Princeton University’s Plan to Move the Dinky Station Disregards the Public Welfare
To the Editor:
I am greatly disappointed to hear that the Princeton Regional Planning Board has voted to approve Princeton University’s plans for its new Arts Center and the Dinky train shuttle between Princeton and the Northeast Corridor train line at Princeton Junction. I agree entirely that the Arts Center should go forward immediately. But this really has nothing to do with the Dinky, except for the fact that Princeton University has dishonorably and disingenuously tried to package the two plans together, in order to slide a bad project through the public approval process under cover of a good one.
The Dinky terminus at the Princeton end will be moved 460 feet out of town, AND have a long staircase interposed between it and the town, AND have a road interposed between it and the town, AND have drop-off parking moved from the bottom of University Place to a location one traffic circle and multiple street lights and pedestrian crossings further away from town. All for the purpose NOT of enabling an Arts Center, for which none of these physical changes need be made, but instead simply to give the University better access from Alexander Road to one of its parking lots. The Dinky plan is patently awful public-amenity planning, for these reasons and others (it will prevent possible future extension of the Dinky line into town, it will further burden traffic on the Alexander Road route out of town and pin this route between University-controlled land on both sides, etc.). It would be laughed out of any reasonable public policy forum, were it not being camouflaged by the Arts Center stalking horse.
If the Dinky plan is ultimately effectuated, the sad lessons to draw will be that (1) the University is as capable of degrading the public welfare for selfish reasons as any other big, rich and overly self-satisfied private actor, (2) the University can be quite unintelligent is weighing up long-term benefits for itself (as well as for the town) against minor gains for itself (and losses for the town), (3) our public servants have failed us in not separating the Arts Center and Dinky plans and making sure that the good plan did not come at the high cost of the bad plan, (4) our public servants have failed us in not coming up with a better way to give the University better access to its parking lot (surely something we should be rushing to help the University achieve, without having to rip up functioning electric transportation infrastructure), (5) our local news media have failed us in not seeing through the ruse of an “Arts and Transit” neighborhood and speaking truth to power and (6) the University and the town are about to vandalize a unique and extremely valuable amenity — an electrified (and extendable) right-of-way from the Northeast Corridor almost to the Princeton town center. So close, and yet so far.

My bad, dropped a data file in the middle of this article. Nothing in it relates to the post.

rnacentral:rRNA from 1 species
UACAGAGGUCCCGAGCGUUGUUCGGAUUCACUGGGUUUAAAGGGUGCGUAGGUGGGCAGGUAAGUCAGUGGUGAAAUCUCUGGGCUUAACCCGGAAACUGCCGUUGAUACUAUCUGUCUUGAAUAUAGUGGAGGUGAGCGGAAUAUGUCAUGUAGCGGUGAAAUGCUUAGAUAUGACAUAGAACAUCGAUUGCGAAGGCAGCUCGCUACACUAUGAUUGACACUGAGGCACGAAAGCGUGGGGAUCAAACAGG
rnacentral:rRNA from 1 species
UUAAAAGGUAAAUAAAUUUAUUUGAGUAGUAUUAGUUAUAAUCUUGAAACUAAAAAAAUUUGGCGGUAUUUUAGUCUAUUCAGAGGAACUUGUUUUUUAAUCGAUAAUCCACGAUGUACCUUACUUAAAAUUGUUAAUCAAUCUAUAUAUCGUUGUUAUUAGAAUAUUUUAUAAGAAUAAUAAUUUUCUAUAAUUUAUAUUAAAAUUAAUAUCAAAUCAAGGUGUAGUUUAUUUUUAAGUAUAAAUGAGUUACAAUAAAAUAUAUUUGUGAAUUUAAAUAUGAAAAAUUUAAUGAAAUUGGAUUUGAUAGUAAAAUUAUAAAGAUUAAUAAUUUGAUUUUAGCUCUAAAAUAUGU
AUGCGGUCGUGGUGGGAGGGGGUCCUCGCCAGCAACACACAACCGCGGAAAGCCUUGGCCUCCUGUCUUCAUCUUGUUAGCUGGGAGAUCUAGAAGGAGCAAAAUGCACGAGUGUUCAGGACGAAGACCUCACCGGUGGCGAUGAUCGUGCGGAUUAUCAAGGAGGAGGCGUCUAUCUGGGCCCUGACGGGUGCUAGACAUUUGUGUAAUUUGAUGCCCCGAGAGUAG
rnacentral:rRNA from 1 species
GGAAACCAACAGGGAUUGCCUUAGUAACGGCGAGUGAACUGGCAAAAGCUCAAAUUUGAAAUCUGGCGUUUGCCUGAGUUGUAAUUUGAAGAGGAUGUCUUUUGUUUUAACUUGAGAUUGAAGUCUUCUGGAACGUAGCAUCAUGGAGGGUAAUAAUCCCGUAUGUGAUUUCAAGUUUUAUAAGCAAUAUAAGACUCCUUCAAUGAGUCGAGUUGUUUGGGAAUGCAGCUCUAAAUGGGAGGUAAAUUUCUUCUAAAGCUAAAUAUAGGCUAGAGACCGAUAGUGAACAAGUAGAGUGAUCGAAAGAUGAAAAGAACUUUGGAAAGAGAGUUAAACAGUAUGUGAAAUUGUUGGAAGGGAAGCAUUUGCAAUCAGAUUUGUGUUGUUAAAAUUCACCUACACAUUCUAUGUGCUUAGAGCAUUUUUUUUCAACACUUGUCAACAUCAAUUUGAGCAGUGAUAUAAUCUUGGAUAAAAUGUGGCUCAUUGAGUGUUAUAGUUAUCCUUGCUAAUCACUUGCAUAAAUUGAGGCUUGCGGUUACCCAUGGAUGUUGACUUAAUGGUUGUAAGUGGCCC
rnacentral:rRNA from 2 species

The town of Princeton has only two things that really differentiate it from most other suburbs in the country: Princeton University and the Dinky connection to the nation’s busiest transit corridor. The town has now decided to permit the stronger of these two assets to cannibalize the weaker. It will only make Princeton more of a “one-company town”, and give the University even more power to override the local public good in favor of its private interests in the future.
Princeton University Class of 1981